Syrian ambassador to Geneva Faysal Khabbaz Hamoui said talks were continuing but that his country's needs were not huge. "Syria is not Somalia. Syria is not Haiti," he told Reuters.

In New York, Syria's U.N. envoy Bashar Ja'afari displayed a CD on Tuesday containing what he said were confessions of 26 Arabs caught in Syria who had come from Libya, Tunisia and elsewhere via Turkey and Lebanon "to perpetrate terrorist acts".

Ja'afari said Syrian security forces had killed another 15 foreign fighters and he urged Saudi Arabia, Qatar and Turkey to stop "their sponsorship of the armed rebellion".

The commander of Syria's rebel Free Syrian Army, which had agreed to halt attacks on Assad's forces in line with Annan's ceasefire, has threatened to resume fighting.

"We will not stand with folded arms because we are not able to tolerate and wait while killings, arrests and shelling continue despite the presence of the (U.N.)observers who have turned into false witnesses," Colonel Riad Asaad said, according to the London-based Asharq al-Awsat newspaper.

"Our people are also demanding we defend them in the absence of any serious steps by the Security Council which is giving the regime a chance to commit more crimes," he said.

(Additional reporting by Oliver Holmes and Erika Solomon in Beirut, Mariam Karouny in Damascus and Stephanie Nebehay in Geneva; Writing by Dominic Evans; Editing by Alistair Lyon)

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Comments (9)
Austell wrote:
“We will not stand with folded arms…”

THIS is the kind of BS you are supporting! They have been terrorizing and attacking Syrians and Syrian forces since the first day of the ceasefire, and are now trying to tell us they are “standing arms folded”…

You have got to be kidding me… well at least you can detonate a suicide bomb while you’re “standing, arms folded” cant you!

The Syrians are sick of these terrorists, armed Islamist gangs, militant snipers, illegal weapons shipments, and foreign intervention…

They should declare all out war on these criminal groups and just wipe them out instead of pussyfooting around trying to prove to an extremily hostile international community that the terrorists are at fault!

Syria has one of the best armed forces of all arab countries, stop messing around and defend your nation!!!

Wipe them out with a full scale assault, these are not Syrian civillians, they are mass murderers!

May 09, 2012 4:43am EDT  --  Report as abuse
Fromkin wrote:
Pro-government militiamen is Reuteurs-speak for civilian killed by armed gangs.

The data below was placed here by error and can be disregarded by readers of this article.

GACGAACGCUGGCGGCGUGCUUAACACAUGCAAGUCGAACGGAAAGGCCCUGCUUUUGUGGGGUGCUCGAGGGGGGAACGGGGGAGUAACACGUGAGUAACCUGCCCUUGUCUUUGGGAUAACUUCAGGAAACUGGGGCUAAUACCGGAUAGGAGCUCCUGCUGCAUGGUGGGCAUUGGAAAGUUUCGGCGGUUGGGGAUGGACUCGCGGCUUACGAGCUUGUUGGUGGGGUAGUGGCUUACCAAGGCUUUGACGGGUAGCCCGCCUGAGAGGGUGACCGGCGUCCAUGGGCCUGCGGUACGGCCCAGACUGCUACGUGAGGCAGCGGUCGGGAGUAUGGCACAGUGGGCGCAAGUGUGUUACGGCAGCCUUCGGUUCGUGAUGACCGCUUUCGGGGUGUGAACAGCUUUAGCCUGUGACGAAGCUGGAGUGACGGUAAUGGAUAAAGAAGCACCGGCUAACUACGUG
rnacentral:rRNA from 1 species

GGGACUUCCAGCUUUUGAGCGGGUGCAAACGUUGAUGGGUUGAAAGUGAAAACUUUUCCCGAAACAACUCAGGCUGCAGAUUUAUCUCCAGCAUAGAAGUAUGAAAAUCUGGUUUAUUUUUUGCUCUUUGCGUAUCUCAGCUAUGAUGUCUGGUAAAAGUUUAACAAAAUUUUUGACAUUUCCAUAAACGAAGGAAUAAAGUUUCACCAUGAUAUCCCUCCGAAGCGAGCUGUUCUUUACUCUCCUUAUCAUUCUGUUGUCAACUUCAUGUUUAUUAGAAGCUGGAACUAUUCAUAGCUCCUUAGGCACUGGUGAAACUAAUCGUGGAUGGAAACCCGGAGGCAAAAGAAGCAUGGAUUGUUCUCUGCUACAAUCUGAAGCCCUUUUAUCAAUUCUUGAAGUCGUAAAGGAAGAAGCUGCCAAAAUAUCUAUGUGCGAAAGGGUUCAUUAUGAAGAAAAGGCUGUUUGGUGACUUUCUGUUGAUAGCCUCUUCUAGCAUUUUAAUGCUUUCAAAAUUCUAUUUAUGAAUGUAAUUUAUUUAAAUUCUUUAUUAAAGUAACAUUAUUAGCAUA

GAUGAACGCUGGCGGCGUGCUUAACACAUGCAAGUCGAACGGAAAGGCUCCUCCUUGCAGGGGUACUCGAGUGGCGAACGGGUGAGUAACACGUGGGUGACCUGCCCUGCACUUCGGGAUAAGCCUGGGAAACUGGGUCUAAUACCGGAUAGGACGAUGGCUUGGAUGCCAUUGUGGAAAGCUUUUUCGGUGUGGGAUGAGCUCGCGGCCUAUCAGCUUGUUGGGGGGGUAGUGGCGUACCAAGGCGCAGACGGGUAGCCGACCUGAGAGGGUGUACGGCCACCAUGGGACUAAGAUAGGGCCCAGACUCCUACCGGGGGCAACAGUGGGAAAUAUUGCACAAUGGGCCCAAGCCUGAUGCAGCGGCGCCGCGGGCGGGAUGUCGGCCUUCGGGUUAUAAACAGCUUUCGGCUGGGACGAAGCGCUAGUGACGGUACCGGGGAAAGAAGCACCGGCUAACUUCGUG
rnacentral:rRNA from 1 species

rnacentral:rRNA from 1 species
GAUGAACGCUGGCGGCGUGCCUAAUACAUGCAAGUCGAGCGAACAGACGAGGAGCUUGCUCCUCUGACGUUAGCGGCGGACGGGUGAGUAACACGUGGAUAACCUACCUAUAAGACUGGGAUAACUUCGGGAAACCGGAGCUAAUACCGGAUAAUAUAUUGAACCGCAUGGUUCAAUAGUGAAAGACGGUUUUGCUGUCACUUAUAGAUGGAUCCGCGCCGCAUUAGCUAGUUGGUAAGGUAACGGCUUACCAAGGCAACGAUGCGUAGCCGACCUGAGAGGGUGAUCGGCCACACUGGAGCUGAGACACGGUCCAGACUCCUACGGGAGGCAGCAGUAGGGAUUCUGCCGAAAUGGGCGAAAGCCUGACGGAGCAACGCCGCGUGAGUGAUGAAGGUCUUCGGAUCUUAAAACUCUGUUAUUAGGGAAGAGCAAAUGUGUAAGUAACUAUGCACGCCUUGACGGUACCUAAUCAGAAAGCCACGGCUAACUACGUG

Any civilian killed by opposition forces can be labelled”pro-government militiamen” because the people providing info to Reuters are also the ones killing “pro-government militiamen”.

So according to Reuters(and activists),Syria’s security forces are killing civilians but rebels are only killing “pro govt militiamen”

My question is the armed rebellion doesn’t have an armed militia or pro-rebellion militiamen?

Or when “pro-rebellion militiamen” die they are reincarnated by corporate sponsored medias as “peaceful civilian”?

May 09, 2012 10:21am EDT  --  Report as abuse
MarshallGrier wrote:
It is no secret that foreign fighters are being imported to bolster an otherwise non-existent uprising.

The Times newspaper featured a report on Syria many months ago when an opposition activist commented on how he had met a number of Libyans who had fought in Misrata and were now armed and trained to fight against the Syrian Army.

It makes you wonder if this was the plan all along. Arm and train rebels to overthrow Gaddafi and then send them to Syria to bring down the Government and install a Western puppet.

Whilst Western journalists show images of “Syrians” taking up arms to “defend civilians” from Assad, who is to say that these are not in fact Libyans mercenaries fighting for dollars?

Of course, by calling themselves rebels, they imply that they are fighting against the injustices they have witnessed, thereby affording themselves a sense of honour. But “rebel” is a loose term. Calling themselves foreign backed insurgents wouldn’t have the same effect.

May 09, 2012 12:07pm EDT  --  Report as abuse